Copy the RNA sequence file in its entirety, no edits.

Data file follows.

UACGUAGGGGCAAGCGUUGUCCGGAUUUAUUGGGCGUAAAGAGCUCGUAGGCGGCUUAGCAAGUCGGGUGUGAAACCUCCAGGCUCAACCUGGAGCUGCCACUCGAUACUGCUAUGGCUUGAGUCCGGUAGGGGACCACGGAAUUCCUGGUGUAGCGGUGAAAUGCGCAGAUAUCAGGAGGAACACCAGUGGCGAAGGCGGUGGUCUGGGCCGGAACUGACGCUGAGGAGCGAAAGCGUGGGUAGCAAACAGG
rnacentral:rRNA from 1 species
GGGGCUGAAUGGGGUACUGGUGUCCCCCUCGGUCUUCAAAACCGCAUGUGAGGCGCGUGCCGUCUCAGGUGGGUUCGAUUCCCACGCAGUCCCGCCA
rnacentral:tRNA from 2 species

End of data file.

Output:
UACGUAGGGGCAAGCGUUGUCCGGAUUUAUUGGGCGUAAAGAGCUCGUAGGCGGCUUAGCAAGUCGGGUGUGAAACCUCCAGGCUCAACCUGGAGCUGCCACUCGAUACUGCUAUGGCUUGAGUCCGGUAGGGGACCACGGAAUUCCUGGUGUAGCGGUGAAAUGCGCAGAUAUCAGGAGGAACACCAGUGGCGAAGGCGGUGGUCUGGGCCGGAACUGACGCUGAGGAGCGAAAGCGUGGGUAGCAAACAGG
rnacentral:rRNA from 1 species
GGGGCUGAAUGGGGUACUGGUGUCCCCCUCGGUCUUCAAAACCGCAUGUGAGGCGCGUGCCGUCUCAGGUGGGUUCGAUUCCCACGCAGUCCCGCCA
rnacentral:tRNA from 2 species